From regional Australia, we move back top Sydney to meet our next curator, Dr. Rebecca Johnson/@DrRebeccaJ of the Australian Museum. Museums are much more than repositories of stuff: they are hugely important centres for the preservation of cultural artefacts, animal history and prehistory, research and, as we will see, in forensics.
We’ll be following the life of Dr Johnson as a full time ‘scientist and manager’ at the Museum. Rebecca assures us it is much more interesting than it sounds, as she believes she has the best job in the world as Head of the Australian Centre for Wildlife Genomics (ACWG) at the Australian Museum (www.australianmuseum.net.au/acwg) where over the past 10 years she has established the ACWG as one of the leaders in wildlife forensic science and is engaged in a broad program of museum genomics research.
A museum is often not top of mind when you think ‘all things CSI’ but at the Australian Museum, scientists apply a combination of our genetics expertise and our huge natural history collection to solving forensic mysteries for law enforcement purposes but also for management of species in the aviation industry and the zoo and aquarium field. The ACWG is one of the few facilities in Australia to be accredited for Wildlife Forensic work under ISO17025 and they have experience working with sample types as diverse as shark fins, bird embryos, gall bladders, seized fish meat, salted animal skin, bones, horns etc. A number of these cases have resulted in prosecution and heavy penalties in court.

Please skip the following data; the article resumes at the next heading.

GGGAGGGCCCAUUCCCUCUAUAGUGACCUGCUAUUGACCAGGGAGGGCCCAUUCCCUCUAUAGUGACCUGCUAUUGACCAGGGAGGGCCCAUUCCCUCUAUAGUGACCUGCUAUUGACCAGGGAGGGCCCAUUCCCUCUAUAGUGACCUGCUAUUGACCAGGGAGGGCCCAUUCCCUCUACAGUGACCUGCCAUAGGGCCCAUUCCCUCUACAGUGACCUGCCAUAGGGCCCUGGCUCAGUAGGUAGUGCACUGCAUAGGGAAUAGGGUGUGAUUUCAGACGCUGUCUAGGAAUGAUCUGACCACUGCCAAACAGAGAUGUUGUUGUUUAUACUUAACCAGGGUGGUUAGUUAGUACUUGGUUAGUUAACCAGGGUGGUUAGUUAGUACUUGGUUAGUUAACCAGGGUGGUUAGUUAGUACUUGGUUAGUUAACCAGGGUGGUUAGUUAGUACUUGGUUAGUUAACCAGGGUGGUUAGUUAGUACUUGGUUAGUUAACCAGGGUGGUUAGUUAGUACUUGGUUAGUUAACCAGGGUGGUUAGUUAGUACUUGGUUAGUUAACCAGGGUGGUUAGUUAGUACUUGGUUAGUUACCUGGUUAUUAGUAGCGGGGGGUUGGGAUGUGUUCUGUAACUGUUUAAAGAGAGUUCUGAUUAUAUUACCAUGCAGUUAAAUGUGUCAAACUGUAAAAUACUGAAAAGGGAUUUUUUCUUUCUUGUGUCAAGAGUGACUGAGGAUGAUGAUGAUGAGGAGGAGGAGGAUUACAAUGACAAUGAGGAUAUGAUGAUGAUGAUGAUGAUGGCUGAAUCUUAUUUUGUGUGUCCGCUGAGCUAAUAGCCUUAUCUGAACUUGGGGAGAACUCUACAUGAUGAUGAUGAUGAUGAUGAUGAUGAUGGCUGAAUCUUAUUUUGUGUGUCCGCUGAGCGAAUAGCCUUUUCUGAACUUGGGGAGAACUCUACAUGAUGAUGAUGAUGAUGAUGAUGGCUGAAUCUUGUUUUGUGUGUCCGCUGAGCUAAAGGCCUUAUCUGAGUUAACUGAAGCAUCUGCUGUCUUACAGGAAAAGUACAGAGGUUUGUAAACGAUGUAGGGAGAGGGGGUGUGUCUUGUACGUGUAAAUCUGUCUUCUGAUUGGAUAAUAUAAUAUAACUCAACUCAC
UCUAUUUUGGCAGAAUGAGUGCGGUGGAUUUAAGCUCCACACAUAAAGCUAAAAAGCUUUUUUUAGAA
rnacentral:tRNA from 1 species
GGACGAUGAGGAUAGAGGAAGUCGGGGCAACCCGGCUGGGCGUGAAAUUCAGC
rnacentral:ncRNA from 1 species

When not doing wildlife forensic work the ACWG is working on the Koala Genome Project through the Koala Genome Consortium www.koalagenome.org (a project they co-lead with researchers at QUT) as well as collaborative projects with other museum scientists on birds, mammals, reptiles, marine invertebrates, molluscs, fish….”pretty much you name it we have probably worked on it!”
Rebecca represents the Museum on a number of government and industry committees in her area of expertise and is a member of the International Society for Forensic Genetics, the Society for Wildlife Forensic Science and a committee member of the NSW Branch of the Australia New Zealand forensic Science Society (ANZFSS), and executive member of the Australian Aviation Wildlife Hazard Group as well as the secretary of the Genetics Society of Australasia and co-chair of the 2014 GSA conference. She has published her case work in the scientific literature and has also published on specific genetics applications of wildlife forensic science. She has presented her work both in Australia and overseas and also regularly presents to students and the public on the importance of wildlife forensic science and the key roles and museums and herbaria can play in this field. So, please welcome our second curator from the Australia Museum, Dr Rebecca Johnson.